It up early for breakfast and get ready to get on the bus to the train station to leave *sharp* at 7am. Well, time has varied meaning for some people and it was well after 8 by the time we left the hotel. The station was in fact just around the corner and walking may well have been a better option than sitting stuck in traffic. Eventually we were all aboard and off to Kandy. Trains are a delightful way to tour and the towns and countryside along the way were bright and picturesque. On arrival it was another logistics muddle getting everyone on buses and off to a hotle for a banquet-like 3 course lunch. Back on the bus and off to temple of the tooth. Logistics? Some were at time apparent but not in the temple. The holy-of-holies was an insane crush with children screaming and ladies fainting. There were moments when I contemplated death by asphyxiation. The energy was awful so I started chanting: "Itipi so Bhaghava..." Several monks joined in and it seemed to bring a little calm. By the time I got to the inner sanctum all I wanted to do was get out - so I did. The surrounding area was quite calm. I met with Bhante Olande Ananda, a very senior Dutch monk and we ended up taking tea at the Queen's Hotel. The evening saw a perahera especially put on for the UN delegates. A seemingly endless procession of drummers, dancers, elephants and flame bearers, all in elegant costumes, was a cultural delight. Once over bus logistics led to a late train back to Colombo arriving about 1:30am. I was very happy to see Mr. Attanayika there to meet me and guide our return back to Aruna.
After a faily leisurely b'fast it was off to Star Granite to finalise the details for the stone work. We met Roshini close by the airport and headed to the show room which was busy with customers and, of course, filled with rocks. It was then on to the factory where no end of creative delights were on offer. We had a very good meeting with the manager and made all needs clear. Time was quite tight and it was a quick dash to the monastery for lunch. The monks were all very kind and helpful; quite a delight to be with after the busyness of Colombo. We then headed north to Anuradhapura and a stay at Dhammachethiya Monastery, Anuradhapura. I was impressed with the standard of the monastery and the vinaya of the monks. Sadhu. In the evening we went to Sri MahaBodhi and spent a very peaceful hour or so just being quiet; circumambulating, meditating and chanting. It was not far to walk to Mahathupa where the energy of prayer and devotion was very palpable. The physical mass of the stupa as a symmetrical, man-made construction absorbs all before it - more humbling than intimidating. The next morning monks took me for a walk out back of the monastery and at one point we could see Mahathupa, Jetavana and Abhayagiri stupas. After Lunch I met with Gita, Bandu and his sister-in-law Manel, Chinthaka and his wife Kumari. We were old friends from early days at Bodhinyanarama in the '90s and it was a delight to be with them in their homeland. We spent the day visiting some of the sacred sites. As one of the oldest continuously inhabited cities in the world the spread of archaeological ruins is enormous - about 40sq km! Impossible to see them all in one day. We visited Isurumuniya (300BC, built for 500 newly ordained samanas), Thuparamaya (enshrines a collar bone of the Buddha), Lankarama (100BC), Jetavanaramaya (300BC, ~100 million bricks) Abhayagiri (200BC, [was] home to ~5000 monks), Samadhi Buddha, Kuttam Pokuna (twin bathing tanks) and a few other places.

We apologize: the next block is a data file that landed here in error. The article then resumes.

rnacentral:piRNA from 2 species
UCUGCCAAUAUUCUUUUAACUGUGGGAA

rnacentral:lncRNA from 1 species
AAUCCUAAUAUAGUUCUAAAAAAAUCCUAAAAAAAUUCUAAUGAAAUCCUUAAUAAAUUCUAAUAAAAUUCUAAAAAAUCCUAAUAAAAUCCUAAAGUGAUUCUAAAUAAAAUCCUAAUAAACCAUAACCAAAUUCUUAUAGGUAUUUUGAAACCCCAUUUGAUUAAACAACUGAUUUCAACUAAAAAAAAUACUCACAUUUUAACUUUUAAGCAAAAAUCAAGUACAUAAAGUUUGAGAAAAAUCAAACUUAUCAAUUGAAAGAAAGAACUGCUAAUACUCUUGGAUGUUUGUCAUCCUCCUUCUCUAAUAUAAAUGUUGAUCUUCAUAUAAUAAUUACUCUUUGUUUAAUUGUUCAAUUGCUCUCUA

We spent a very comfortable hotel night and after a leisurely breakfast headed east to Mahintale. Mahinda was the son of the Indian emperor Ashoka and came to Sri Lanka (300BC?) and met King Devanampiyatissa and the people of Mahintale and taught the Buddha's doctrine. Thus began Buddhism in Sri Lanka. There are several stupas, ponds, the remains of a hospital and many monastic buildings. A very tranquil and serene place. Having climbed up (~300m) and toured it was back down - to the air conditioned van! - and off south to Sigiriya, an ancient rock fortress. King Kasyapa built a palace there (~450CE) on top of the rock. There are much earlier signs (200BC) of monastic habitation and it became a monastery again, after the king died persisting until the 14th century. The extent of construction is awesome. It was another climb (~200m) with stunning views and a joyful return to air-con. Just west of Sigiriya were the Dambulla cave temples with 80 documented caves in the area. Only 160m to climb this time :) The main attraction is the 5-cave complex with over 150 Buddha images and 2,000sqM of murals. There has been quite a bit of renovation in the last century and the site is quite pristine and artistically superb. It was then back to Colombo and friends at Aruna for my last night in Sri Lanka.
Wednesday 17th - the end
The whole trip was only 7 full days - 9 if you count arrival and departure days - but it was so rich and rewarding. Needless to say I was pretty tired and had no trouble sleeping on the plane to UK.
Details of that leg of the journey will come later...